PHOENIX (AP) — A lawsuit challenging the quality of health care for more than 27,000 people incarcerated in Arizona’s prisons is headed to trial Monday after a 6-year-old settlement resolving the case was thrown out by a judge who concluded the state showed little interest in making many of the improvements it promised under the deal.
The decision in mid-July came after the state had already been hit with a total of $2.5 million in contempt of court fines for noncompliance. Judge Roslyn Silver had concluded the fines weren’t motivating Arizona to comply, faulted the state for making erroneous excuses and baseless legal arguments and said the failure to provide adequate care for prisoners led to suffering and preventable deaths.
Lawyers for the prisoners are asking the judge to take over health care operations in state-run prisons, appoint an official to run medical and mental health services there, ensure prisons have enough health care workers and reduce the use of isolation cells, including banning their use for prisoners under age 18 or those with serious mental illnesses.
In court papers this week, the attorneys said Arizona’s prison health care operations are understaffed and poorly supervised, routinely deny access to some necessary medications, fail to provide adequate pain management for end-stage cancer patients and others, and don’t meet the minimum standards for mental health care.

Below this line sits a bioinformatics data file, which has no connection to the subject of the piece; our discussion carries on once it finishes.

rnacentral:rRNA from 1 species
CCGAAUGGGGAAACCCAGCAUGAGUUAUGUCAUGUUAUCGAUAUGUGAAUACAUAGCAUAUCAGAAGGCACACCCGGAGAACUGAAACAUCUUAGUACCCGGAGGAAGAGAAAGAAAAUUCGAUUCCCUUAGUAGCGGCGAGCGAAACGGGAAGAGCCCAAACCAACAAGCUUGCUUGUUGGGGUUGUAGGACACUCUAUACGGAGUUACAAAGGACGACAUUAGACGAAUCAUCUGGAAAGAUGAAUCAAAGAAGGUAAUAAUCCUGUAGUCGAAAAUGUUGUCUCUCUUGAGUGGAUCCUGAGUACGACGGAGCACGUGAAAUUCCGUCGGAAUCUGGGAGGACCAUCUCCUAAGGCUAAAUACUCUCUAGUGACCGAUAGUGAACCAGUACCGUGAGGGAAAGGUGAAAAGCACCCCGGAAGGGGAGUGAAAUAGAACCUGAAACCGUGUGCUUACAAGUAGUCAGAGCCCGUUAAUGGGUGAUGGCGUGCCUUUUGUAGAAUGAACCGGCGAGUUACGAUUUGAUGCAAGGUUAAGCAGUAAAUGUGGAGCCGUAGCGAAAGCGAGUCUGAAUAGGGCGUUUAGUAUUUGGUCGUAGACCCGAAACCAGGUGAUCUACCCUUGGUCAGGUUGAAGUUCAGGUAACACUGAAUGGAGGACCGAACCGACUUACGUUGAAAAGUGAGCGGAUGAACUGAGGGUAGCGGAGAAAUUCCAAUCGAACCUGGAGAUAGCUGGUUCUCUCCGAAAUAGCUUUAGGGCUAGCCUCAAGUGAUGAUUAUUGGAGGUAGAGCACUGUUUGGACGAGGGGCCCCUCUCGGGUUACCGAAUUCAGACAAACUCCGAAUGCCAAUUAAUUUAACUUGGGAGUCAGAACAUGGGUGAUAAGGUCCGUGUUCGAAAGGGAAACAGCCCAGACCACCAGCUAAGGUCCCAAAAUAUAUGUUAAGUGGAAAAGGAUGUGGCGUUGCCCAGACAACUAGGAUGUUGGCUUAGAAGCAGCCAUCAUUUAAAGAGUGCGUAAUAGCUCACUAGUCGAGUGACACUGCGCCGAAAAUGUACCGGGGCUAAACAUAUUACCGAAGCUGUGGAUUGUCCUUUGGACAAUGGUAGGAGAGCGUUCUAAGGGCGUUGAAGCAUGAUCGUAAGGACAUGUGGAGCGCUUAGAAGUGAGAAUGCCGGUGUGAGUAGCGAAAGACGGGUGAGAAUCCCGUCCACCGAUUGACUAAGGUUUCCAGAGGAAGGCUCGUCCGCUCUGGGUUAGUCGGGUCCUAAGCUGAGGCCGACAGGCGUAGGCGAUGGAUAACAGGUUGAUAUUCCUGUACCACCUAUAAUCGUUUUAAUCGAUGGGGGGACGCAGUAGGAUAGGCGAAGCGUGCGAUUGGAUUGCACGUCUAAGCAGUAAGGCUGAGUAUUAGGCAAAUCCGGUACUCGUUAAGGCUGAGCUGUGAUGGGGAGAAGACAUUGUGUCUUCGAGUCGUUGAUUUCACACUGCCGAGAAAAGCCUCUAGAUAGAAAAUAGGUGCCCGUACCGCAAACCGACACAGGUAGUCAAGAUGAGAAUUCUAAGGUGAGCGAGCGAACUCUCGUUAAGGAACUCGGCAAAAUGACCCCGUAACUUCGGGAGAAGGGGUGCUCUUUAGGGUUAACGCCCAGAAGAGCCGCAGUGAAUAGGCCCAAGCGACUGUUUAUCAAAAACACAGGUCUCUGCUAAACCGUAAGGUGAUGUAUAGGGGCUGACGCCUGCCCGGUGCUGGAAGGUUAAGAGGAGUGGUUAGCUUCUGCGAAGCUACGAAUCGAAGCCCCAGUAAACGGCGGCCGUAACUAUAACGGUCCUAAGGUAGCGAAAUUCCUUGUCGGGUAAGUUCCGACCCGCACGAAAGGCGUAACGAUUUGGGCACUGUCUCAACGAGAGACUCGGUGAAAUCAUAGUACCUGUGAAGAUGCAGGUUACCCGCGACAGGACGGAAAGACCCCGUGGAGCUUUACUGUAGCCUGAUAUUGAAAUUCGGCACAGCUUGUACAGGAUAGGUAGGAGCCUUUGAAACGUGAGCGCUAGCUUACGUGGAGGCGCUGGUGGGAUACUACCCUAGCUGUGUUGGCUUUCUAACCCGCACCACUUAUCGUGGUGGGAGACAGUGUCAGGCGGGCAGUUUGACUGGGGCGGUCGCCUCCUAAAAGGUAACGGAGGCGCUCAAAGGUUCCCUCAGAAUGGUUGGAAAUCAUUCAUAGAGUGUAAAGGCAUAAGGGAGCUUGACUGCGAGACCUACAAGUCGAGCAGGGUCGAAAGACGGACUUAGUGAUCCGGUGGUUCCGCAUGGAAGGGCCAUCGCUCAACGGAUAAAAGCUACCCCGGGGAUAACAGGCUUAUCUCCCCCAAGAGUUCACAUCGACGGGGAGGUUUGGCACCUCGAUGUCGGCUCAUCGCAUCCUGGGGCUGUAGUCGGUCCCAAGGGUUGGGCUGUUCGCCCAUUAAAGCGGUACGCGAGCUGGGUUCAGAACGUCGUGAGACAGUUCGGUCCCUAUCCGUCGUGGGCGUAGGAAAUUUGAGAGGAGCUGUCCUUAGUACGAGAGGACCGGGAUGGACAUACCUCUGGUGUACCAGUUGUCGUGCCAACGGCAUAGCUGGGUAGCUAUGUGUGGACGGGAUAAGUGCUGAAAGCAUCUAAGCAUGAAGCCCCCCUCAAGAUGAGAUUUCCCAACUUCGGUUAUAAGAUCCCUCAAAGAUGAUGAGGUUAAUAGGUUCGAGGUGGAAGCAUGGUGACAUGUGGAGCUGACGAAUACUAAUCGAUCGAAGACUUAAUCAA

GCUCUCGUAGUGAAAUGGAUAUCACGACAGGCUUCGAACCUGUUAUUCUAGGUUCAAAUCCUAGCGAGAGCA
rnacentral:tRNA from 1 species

“So much of the death and suffering that our experts found was completely preventable,” said Corene Kendrick, one of the attorneys for the prisoners. “And if there had been interventions earlier, we wouldn’t have people suffering permanent injury and death — including death by suicide and death by medical conditions that were ignored for all too long. But by the time the person got the care or treatment they needed, it was too late. It’s an all too common story.”
The Arizona Department of Corrections, Rehabilitation and Reentry declined a request to comment on the trial.
In court records, the agency has denied allegations that it was providing inadequate care, delayed or issued outright denials of care and failed to give necessary medications.
The case will be decided by Silver, not a jury.
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